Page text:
Tupac's Alleged Killer Denied Bail


LAS VEGAS, NV - Prosecutors in Las Vegas vehemently opposed the release to house arrest of Duane "Keffe D" Davis, a former Los Angeles-area gang leader accused of involvement in the 1996 killing of hip-hop icon Tupac Shakur. Citing extensive and repeated confessions spanning more than a decade, prosecutors argued against Davis' release ahead of his trial set for June.

In a court filing submitted on Thursday, prosecutor Binu Palal highlighted Davis' persistent confessions, labeling them as compelling evidence to reject his request for release on bail not exceeding $100,000. Palal emphasized Davis' repeated assertions of responsibility for Shakur's murder, stating, "Defendant was the shot-caller," and urging the court to consider his prior admissions.

Moreover, prosecutors cited more than 160 pages of written transcripts and supplementary evidence on DVD, underscoring the weight of Davis' accounts in implicating himself in the crime.

Davis, aged 60, faces health concerns, including a history of colon cancer in remission, according to his court-appointed attorneys, Robert Arroyo and Charles Cano. The defense argued that inadequate medical attention and poor conditions in jail jeopardize Davis' health, asserting that he poses no flight risk or danger to the community.



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However, the prosecution dismissed Davis' claims of immunity, stressing his continuous self-incrimination across various platforms, including interviews, a book published in 2019, and interactions with law enforcement agencies. Despite Davis' assertions that his accounts were for entertainment and monetary gain, prosecutors argued that his admissions held weight in determining his culpability.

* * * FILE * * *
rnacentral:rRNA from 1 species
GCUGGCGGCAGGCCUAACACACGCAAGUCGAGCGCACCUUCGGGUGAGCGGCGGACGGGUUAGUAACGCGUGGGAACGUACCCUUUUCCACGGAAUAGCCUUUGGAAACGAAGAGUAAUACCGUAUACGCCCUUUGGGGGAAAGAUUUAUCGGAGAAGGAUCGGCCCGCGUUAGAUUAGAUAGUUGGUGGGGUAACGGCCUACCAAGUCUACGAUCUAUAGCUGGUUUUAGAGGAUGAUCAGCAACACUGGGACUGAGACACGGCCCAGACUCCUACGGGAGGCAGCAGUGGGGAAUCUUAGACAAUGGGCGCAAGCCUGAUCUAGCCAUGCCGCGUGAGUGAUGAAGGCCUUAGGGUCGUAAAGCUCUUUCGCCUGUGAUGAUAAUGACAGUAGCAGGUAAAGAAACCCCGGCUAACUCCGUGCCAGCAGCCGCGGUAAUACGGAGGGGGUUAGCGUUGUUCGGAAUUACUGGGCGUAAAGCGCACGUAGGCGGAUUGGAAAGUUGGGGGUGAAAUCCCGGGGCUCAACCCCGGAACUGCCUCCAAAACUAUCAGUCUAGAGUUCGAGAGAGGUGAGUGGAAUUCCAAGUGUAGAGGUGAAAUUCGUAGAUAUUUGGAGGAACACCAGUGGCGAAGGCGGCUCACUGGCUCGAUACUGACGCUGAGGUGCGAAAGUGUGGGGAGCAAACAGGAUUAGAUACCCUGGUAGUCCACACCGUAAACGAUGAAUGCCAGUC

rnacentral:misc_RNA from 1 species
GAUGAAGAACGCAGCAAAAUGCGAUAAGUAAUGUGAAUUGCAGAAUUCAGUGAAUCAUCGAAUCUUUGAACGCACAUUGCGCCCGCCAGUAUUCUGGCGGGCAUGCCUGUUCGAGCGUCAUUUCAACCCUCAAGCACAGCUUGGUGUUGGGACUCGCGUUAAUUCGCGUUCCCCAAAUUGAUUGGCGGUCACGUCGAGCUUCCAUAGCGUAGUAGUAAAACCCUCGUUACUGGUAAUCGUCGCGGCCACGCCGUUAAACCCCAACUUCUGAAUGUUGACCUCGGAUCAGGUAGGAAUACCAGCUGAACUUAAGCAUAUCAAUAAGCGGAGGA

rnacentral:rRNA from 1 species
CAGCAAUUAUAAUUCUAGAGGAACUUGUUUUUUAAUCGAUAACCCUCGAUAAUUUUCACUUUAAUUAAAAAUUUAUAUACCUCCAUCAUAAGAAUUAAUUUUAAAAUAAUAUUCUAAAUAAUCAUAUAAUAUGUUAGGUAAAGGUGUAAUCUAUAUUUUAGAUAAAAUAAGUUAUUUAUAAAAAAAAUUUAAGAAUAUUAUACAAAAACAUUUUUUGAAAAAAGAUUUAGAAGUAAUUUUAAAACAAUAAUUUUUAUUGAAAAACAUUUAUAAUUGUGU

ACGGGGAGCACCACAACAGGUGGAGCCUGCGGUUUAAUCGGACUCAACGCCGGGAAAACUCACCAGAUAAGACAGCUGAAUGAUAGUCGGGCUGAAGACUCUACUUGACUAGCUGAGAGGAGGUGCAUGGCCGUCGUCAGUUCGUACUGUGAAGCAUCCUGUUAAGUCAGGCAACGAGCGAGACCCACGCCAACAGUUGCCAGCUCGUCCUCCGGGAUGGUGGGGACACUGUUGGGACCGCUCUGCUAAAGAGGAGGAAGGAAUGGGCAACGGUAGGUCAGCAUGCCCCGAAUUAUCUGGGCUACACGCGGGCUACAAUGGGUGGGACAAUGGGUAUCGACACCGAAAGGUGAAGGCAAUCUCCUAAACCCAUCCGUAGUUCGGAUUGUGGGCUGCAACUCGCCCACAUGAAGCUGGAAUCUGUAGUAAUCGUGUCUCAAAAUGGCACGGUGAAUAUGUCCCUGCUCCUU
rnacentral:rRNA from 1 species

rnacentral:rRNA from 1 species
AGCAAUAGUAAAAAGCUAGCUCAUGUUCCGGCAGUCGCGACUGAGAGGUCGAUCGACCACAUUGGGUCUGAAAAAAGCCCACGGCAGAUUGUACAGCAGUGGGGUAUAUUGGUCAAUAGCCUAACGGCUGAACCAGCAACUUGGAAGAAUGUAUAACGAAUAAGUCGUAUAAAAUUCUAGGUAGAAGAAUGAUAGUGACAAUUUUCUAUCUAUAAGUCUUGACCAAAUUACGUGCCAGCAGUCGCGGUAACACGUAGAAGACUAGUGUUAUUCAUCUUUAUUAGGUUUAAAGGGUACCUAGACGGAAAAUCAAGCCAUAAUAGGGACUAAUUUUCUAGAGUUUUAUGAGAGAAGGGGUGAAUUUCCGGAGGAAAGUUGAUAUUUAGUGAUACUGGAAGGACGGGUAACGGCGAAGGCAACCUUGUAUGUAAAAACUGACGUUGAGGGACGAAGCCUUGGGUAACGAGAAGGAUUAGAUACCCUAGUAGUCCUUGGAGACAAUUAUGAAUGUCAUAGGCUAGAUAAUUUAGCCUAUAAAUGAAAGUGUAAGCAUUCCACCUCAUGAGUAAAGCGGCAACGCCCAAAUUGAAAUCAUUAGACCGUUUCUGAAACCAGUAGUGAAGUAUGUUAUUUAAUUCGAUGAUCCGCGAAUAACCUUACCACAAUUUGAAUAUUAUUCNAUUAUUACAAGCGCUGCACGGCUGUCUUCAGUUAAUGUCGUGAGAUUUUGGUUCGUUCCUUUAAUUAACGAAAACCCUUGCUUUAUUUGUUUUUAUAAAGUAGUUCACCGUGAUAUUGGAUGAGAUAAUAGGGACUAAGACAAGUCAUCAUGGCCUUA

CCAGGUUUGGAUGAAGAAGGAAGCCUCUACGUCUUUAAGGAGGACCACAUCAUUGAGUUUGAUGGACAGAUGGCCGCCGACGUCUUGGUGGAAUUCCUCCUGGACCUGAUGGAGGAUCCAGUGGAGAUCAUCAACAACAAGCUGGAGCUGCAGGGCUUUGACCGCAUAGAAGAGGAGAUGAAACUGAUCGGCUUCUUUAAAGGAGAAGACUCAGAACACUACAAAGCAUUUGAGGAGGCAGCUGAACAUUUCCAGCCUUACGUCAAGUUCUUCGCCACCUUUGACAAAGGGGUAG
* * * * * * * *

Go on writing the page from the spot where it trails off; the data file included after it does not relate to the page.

The ongoing legal battle traces back to the fatal drive-by shooting of Shakur in Las Vegas in 1996, where Davis allegedly played a role. Despite Davis' claim of immunity from a 2008 FBI and LAPD agreement, prosecutors maintain his culpability in orchestrating the murder.

Notably, Davis is the lone surviving occupant from the vehicle involved in the shooting, and prosecutors underscored his lack of caution or remorse in incriminating himself during various instances over the years.

The legal battle surrounding Duane "Keffe D" Davis's involvement in the 1996 murder of Tupac Shakur intensifies as prosecutors cite a decade-long trail of confessions to deny his bid for house arrest. With prosecutors emphasizing Davis' repeated self-incrimination, the ongoing court proceedings continue to shed light on a case that has remained unresolved for decades.

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